Categories | Community Contributions | Implementation
A Community Contribution from Carolyn J. Sullivan about her experience with the GTD Weekly Review. We would love to hear your experience with the Weekly Review in the comments.
I’ve been using GTD principles since I was first introduced to them in 1994-95. I was part of a consulting group at Polaroid responsible for supporting cross-functional new product development teams in the areas of effectiveness, organizational learning, and functional expertise. After some research, a colleague found the Time/Design system, and before long we had arranged for David Allen to come in and deliver what was then called the “MAP Seminar.” I don’t exaggerate when I say it changed my life, and I have applied the questions “What’s the desired outcome?” and “What’s the next action?” to every conceivable personal and professional issue since.
The thing that astounds me most about GTD is the fact that, 25 years later, I discover nuances and have epiphanies on a regular basis – this is truly an organic approach that grows with the user. My latest epiphany came a few weeks ago and concerns the dreaded Weekly Review. I thought: “If I feel stress in any given week, it’s because I’m trying to think about several ‘big pictures’ while simultaneously reigning in the chaos that threatens to run away with my sanity!” I realized that my ability to think clearly during the ebb and flow of my days, my ability to be with any input that arises for me, is directly proportional to the time I’ve spent that week in reflection. On a daily basis, I am calmer and more focused when I meditate in the morning. When I say “meditate,” I am using the term loosely – I mean that I’ve been able to have some quiet, non-thinking time either sitting and watching my breath, or perhaps staring out the window or writing in a stream of consciousness way. When I don’t have that little buffer between my sleep state and my full-on, awake, “handling things” state, then I find I’m a little off-kilter.
On a weekly basis, I have the Weekly Review. It is a time to reflect, and not do. Now when I do my Weekly Review, I treat it as a real meeting with a real assistant. When I frame the weekly review as a session, during which I get to delegate to an assistant (rather than figuring out what I need to do) then it takes on a liberating quality instead of feeling like another should. I suppose you could really file this approach under “acting as if,” but whatever you want to call it, it works for me. When I’m delegating to someone, I have to be very clear as to what I want them to do. I can’t vaguely say “Work on the Thompson Project.” I need to give that person specific tasks to accomplish. Tasks that I can review with them the following week in order to determine how much progress has been made. That way I can re-calibrate and re-negotiate if necessary based on “our” available resources. If it seems as though I’ve been over-loading my assistant, and only a few of the intended tasks have been accomplished, then it’s time to take a step back and see why this might be so, and how we might fix it. Obviously this approach can work extremely well between a person and their flesh-and-blood assistant. But it’s an approach that has made a light year of difference in the effectiveness of my own self-review. The Weekly Review becomes less emotionally charged; less about beating up on myself for what I didn’t do, and more about setting myself up for success.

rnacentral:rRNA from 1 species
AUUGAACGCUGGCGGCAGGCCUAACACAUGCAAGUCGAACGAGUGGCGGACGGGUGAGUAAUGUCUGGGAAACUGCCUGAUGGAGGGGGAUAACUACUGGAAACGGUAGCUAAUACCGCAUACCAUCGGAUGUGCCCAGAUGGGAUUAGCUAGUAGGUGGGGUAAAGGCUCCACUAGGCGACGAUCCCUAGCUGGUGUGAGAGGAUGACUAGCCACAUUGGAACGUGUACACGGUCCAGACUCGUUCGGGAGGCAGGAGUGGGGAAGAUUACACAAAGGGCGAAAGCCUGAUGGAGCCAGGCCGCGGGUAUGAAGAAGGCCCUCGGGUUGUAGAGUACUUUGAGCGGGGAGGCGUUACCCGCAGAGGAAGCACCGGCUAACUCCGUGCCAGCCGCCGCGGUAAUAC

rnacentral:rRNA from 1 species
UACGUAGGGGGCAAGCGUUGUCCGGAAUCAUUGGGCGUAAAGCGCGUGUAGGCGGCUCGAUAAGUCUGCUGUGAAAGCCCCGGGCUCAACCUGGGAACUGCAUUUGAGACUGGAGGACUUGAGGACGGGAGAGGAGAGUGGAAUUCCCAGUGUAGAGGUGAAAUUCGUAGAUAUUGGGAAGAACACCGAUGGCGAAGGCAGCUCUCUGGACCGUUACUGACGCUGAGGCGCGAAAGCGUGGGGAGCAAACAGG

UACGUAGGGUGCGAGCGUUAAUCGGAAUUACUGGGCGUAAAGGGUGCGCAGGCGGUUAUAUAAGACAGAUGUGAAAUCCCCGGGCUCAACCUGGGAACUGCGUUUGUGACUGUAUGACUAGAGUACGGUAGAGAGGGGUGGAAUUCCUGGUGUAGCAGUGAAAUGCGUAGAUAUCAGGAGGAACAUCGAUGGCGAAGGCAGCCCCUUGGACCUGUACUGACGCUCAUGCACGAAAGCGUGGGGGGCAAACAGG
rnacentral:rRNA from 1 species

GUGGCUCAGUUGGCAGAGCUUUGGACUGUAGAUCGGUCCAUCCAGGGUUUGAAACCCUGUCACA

There is nothing like the feeling when I’ve thought through everything on my plate, have decided what needs active attention and what can be put on the back burner, and have subsequently identified precisely what needs to happen to move it all forward. It allows me to be present in each moment, and to move into the daily role of “self-assistant” – fulfilling my “manager’s” requests and not really worrying about much beyond getting things done. How many of us who have been managers haven’t longed for the day when we didn’t have to “worry about stuff all the time”?! The Weekly Review, done consistently and with perhaps a little internal role-playing, has given me the best of both worlds.
Carolyn Sullivan is Director of Marketing for Rosewalker Design Project, which specializes in antique restoration and the creation of mixed media decorative arts. She also works a full 40-hour-plus work week as an Executive Assistant for an international logistics company. She loves to write and play music, read, watch films, and just be.